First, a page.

• Grease or permanent marker for marking leaks
  • Duct tape to hold JB Weld in place as it cures
  • Sawhorses, workbench, or similar holding option to allow the pinhole in the air compressor tank to be rotated to the bottom.

How to Fix the Hole in Your Air Compressor

If you’ve come this far, you’ve probably decided that the hole was caused accidentally, rather than by failing to undertake proper maintenance. To save your compressor pump, you’ll want to fix the problem as quickly as possible.

  1. To start, hook the air compressor tank up and begin to pressurize it, keeping the air pressure below your normal cut-in pressure.
  2. Spray the tank and fittings down with a soapy water solution in a spray bottle. Watch for bubbles to form, indicating where you have leaks.
  3. If there are leaks around the relief valve, air receiver tank openings, tank check valve, safety valve, pressure relief valve, or unloader valve, you know that those areas need to be tightened down with your adjustable wrench.
  4. If there are areas that are showing a pin hole leak on your air compressor tank, carefully wipe around those areas and mark them with your marker.
  5. If you notice that additional rust water or particulates are coming out of the holes, STOP! If the corrosion is compromising one area of the tank, there are probably other areas where they’ll occur next. A replacement tank is your best bet in this situation, ensuring safety.
  6. Once you’ve marked your tank, wipe down any remaining moisture on the outside, being careful to not wipe away your marks.
  7. As you prepare to repair the pin hole leak, turn that location on your pressure tanks to the bottom of your work area. This allows gravity to assist in creating a solid plug.
  8. Using JB Weld, fill the pin hole, pushing enough material into the tank so that it will form a plug, leaving a bit more on the outside so that it will flatten out, forming a dumbbell shape to hold the patch in place.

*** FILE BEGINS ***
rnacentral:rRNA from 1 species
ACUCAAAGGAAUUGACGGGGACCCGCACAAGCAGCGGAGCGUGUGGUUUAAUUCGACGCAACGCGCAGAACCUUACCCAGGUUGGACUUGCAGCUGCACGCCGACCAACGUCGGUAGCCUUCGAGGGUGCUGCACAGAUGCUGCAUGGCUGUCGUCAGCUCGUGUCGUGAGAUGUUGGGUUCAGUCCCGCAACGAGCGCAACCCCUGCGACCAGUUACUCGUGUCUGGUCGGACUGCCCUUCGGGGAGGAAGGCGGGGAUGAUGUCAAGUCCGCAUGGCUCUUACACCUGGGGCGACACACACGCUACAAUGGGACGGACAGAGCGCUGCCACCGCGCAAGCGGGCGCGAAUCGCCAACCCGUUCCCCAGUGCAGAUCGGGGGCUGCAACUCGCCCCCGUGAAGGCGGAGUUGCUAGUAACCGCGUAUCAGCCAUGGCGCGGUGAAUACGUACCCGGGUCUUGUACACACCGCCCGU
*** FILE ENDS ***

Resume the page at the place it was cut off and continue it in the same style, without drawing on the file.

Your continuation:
9. Once the patch has cured, go on to any other pinhole leaks.
  10. To retain the patch while the JB Weld sets up, put a piece of duct tape loosely over the hole, making sure that it flattens the JB Weld on the outside of the air compressor tank without pushing all of the material into the inside of the tank.
  11. Once you’ve finished allowing the JB Weld to cure, make any additional repairs that are needed in the compressor at the same time to start it back into operation in good condition.
  12. Consider making any changes needed to your routine maintenance and handling to prevent the problem from occurring again in the future, such as regular draining of the tank or rules around how air compressor tanks are handled on a job site.

If you’re having problems with a pinhole leak in your air compressor and are not sure whether it’s safe to repair or if you should replace it, it may be time to call in the professionals to ensure that you get a good repair or replacement tank that helps keep your air tools in effective operation for many years to come. Whether you use a 3 gal tank air compressor from Harbor Freight or a 150-gallon tank to drive your compressed air tools across a range of requirements, having a safe tank and properly running air compressor can make a big difference in how well your operation rolls forward.

The experienced professionals at Advanced Air & Vacuum are ready to help you find the right solutions for your business. With an extensive on-hand parts department, mobile repair service, available industrial air compressor rentals, and a sales team that is more focused on finding you the right solutions rather than the best one for their commission, you’ll discover an exemplary team focused on a multi-faceted approach to your air compressor problems. Why not take a few minutes to contact us today with any questions, for more information about our services, or to schedule a repair of your air compressor system?

Leave a Reply

Your email address will not be published. Required fields are marked *